By this time, it was April of 2008. I didn’t know where to begin. My web designer, Marianne Guillen of http://www.array-design.com/, put me in touch with a fellow she had worked with before on another project. On her recommendation, I called Jake Carlson of the web development firm Dragon Eye Design. I told him about the project and asked for a quote on the work. He got back to me with a price. In the meantime, a friend suggested that, since I had such limited funds (a.k.a. my personal savings account) I should call a university’s computer science graduate department to see if they had a grad student that could do it for less. I met with a professor at University of Texas at Dallas. He was interested in the project, but could not help me with any students due to their heavy work loads as doctoral candidates. I met with a professor at Southern Methodist University. She was interested in social networks and put me touch with a graduate student who was going to need a summer job anyway.
Even though I had gotten comfortable with working “virtually” with Marianne, I liked the idea that the grad student was located in Dallas. We met and settled on an agreeable price to both of us. He began work on the programming of the site. This was June. I got back to Jake Carlson and told him that I was going to be working with the grad student, but if that didn’t work out I would get back in touch.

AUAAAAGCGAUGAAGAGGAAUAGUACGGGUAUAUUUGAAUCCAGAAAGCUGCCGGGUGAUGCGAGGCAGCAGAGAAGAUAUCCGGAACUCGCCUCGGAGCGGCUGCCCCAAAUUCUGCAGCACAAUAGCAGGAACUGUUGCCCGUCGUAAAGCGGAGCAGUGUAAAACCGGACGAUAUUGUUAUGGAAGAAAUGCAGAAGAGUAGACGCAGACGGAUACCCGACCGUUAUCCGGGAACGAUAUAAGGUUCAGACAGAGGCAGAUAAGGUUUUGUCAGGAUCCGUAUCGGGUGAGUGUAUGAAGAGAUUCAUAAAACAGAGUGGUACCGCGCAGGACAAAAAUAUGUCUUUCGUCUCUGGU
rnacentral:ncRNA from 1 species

As the summer went on, I thought our meetings were productive and that launch of the Snabbo.com website would be by the end of the year. Then on Labor Day, I got a phone call from my programmer. He had just started his Fall Semester of school. He felt that his graduate studies work load would be too much for him to handle along with the programming of Snabbo. He was sincerely apologetic, but believed he should drop out of the project. I cried for two days.
I called Marianne who gave me a friend of hers name who might know someone. I also tried posting on Craigslist.org and got a huge response from programmers who work in India. Their price was right, but I was too worried about quality control and I wanted someone that could be as emotionally-invested in this project as I was.
I called Jake Carlson, again. I had never met him personally since he lived in a different city. I was gun-shy about putting my entire trust in another programmer to finish the project. Jake’s idea was to build Snabbo from scratch instead of cobbling together social network applications that were already available. After a several phone conversations, I began to feel confident about Jake’s grasp of the Snabbo concept and his programming abilities. We signed a contract and he began work at the end of September, 2008.